Mast cell activation and autism.  Theoharides TC, Angelidou A, Alysandratos KD, Zhang B, Asadi S, Francis K, Toniato E, Kalogeromitros DBiochim Biophys Acta. 2012 Jan;1822(1):34-41. Epub 2010 Dec 28.

Immune Dysfunction in Autism: A Pathway to Treatment

Milo Careaga, Judy Van de Water, Paul Ashwood Neurotheraputics Volume 7, Issue 3, Pages 283-292 (July 2010)

SummaryAutism is a complex and clinically heterogeneous disorder with a spectrum of symptoms. Clinicians, schools, and service agencies worldwide have reported a dramatic increase in the number of children identified with autism. Despite expanding research, the etiology and underlying biological processes of autism remain poorly understood, and the relative contribution from genetic, epigenetic, and environmental factors remains unclear. Although autism affects primarily brain function (especially affect, social functioning, and cognition), it is unknown to what extent other organs and systems are disrupted. Published findings have identified widespread changes in the immune systems of children with autism, at both systemic and cellular levels. Brain specimens from autism subjects exhibit signs of active, ongoing inflammation, as well as alterations in gene pathways associated with immune signaling and immune function. Moreover, many genetic studies have indicated a link between autism and genes that are relevant to both the nervous system and the immune system. Alterations in these pathways can affect function in both systems. Together, these reports suggest that autism may in fact be a systemic disorder with connections to abnormal immune responses. Such immune system dysfunction may represent novel targets for treatment. A better understanding of the involvement of the immune response in autism, and of how early brain development is altered, may have important therapeutic implications.

Adaptive and Innate Immune Responses in Autism: Rationale for Therapeutic Use of Intravenous Immunoglobulin.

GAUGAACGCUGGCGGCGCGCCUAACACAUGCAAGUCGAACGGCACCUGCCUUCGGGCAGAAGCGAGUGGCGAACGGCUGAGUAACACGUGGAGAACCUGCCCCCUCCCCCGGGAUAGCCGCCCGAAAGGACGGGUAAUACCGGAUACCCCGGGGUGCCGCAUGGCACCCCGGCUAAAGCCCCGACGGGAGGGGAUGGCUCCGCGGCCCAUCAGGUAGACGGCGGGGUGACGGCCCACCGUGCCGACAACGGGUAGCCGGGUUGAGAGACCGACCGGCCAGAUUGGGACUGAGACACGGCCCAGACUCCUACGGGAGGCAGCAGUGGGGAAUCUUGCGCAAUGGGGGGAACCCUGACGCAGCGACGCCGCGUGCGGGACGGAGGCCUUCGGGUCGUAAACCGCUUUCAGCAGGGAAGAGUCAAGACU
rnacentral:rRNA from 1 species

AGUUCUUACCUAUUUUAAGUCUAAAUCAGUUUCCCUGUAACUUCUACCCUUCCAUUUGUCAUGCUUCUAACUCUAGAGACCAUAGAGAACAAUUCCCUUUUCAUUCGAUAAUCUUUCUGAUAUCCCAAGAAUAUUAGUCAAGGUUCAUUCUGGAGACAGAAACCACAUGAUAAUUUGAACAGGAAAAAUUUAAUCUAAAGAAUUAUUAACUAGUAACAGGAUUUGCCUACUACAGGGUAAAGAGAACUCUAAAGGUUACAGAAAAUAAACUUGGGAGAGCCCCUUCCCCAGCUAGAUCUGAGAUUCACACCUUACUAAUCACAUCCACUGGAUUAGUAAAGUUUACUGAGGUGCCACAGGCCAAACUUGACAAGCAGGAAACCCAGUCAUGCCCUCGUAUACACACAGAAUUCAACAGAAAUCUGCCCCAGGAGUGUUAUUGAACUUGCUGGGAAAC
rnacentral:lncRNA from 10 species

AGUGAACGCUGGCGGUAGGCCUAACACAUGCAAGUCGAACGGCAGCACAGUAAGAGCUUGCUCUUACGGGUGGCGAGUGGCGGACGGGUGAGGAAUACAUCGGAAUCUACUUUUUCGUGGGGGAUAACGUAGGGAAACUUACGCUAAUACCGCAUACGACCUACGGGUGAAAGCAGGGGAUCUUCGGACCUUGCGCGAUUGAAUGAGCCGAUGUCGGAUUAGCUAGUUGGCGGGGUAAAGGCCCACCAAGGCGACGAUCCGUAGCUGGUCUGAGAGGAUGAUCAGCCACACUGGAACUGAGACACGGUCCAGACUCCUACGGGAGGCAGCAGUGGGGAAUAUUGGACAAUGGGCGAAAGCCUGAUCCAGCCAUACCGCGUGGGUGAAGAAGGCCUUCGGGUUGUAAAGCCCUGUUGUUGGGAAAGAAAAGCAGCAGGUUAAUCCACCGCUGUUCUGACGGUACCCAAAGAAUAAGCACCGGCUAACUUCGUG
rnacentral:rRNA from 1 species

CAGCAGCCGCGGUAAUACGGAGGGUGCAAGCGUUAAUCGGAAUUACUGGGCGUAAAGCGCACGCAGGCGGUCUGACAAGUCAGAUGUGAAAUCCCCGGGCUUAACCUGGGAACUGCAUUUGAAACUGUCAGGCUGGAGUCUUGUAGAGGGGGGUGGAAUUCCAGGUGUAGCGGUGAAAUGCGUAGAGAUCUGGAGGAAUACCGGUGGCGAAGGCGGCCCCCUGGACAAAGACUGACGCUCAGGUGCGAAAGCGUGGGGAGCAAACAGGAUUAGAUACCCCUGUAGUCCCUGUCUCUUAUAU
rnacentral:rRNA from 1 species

Gupta S, Samra D, Agrawal S.Division of Basic and Clinical Immunology, Medical Sciences I, C-240, University of California at Irvine, Irvine, CA, 92697, USA,
J Clin Immunol. 2010 Apr 15. [Epub ahead of print]

BACKGROUND: Autism is a complex polygenic neurodevelopmental disorder characterized by deficits in communication and social interactions as well as specific stereotypical behaviors. Both genetic and environmental factors appear to contribute to the pathogenesis of autism. Accumulating data including changes in immune responses, linkage to major histocompatibility complex antigens, and the presence of autoantibodies to neural tissues/antigens suggest that the immune system plays an important role in its pathogenesis. In this brief review, we discuss the data regarding changes in both innate and adaptive immunity in autism and the evidence in favor of the role of the immune system, especially of maternal autoantibodies in the pathogenesis of a subset of patients with autism. The rationale for possible therapeutic use of intravenous immunoglobulin is also discussed.

Family analysis of immunoglobulin classes and subclasses in children with autistic disorder

Spiroski M et al.Institute of Immunobiology and Human Genetics, Faculty of Medicine, 1109 Skopje, PO Box 60, Macedonia. Bosn J Basic Med Sci. 2009 Nov;9(4):283-9.

Autistic disorder is a severe neurodevelopment disorder characterized by a triad of impairments in reciprocal social interaction, verbal and nonverbal communication, and a pattern of repetitive stereotyped activities, behaviours and interests. There are strong lines of evidence to suggest that the immune system plays an important role in the pathogenesis of autistic disorder. The aim of this study was to analyze quantitative plasma concentration of immunoglobulin classes, and subclasses in autistic patients and their families. The investigation was performed retrospectively in 50 persons with autistic disorder in the Republic of Macedonia. Infantile autistic disorder was diagnosed by DSM-IV and ICD-10 criteria. Plasma immunoglobulin classes (IgM, IgA, and IgG) and subclasses (IgG1, IgG2, IgG3, and IgG4) were determined using Nephelometer Analyzer BN-100. Multiple comparisons for the IgA variable have shown statistically significant differences between three pairs: male autistic from the fathers (p = 0,001), female autistic from the mothers (p = 0,008), as well as healthy sisters from the fathers (p = 0,011). Statistically significant differences found between three groups regarding autistic disorder (person with autistic disorder, father/mother of a person with autistic disorder, and brother/sister) independent of sex belongs to IgA, IgG2, and IgG3 variables. Multiple comparisons for the IgA variable have shown statistically significant differences between children with autistic disorder from the fathers and mothers (p < 0,001), and healthy brothers and sisters from the fathers and mothers (p < 0,001). Comparison between healthy children and children with autistic disorder from the same family should be tested for immunoglobulin classes and subclasses in order to avoid differences between generations.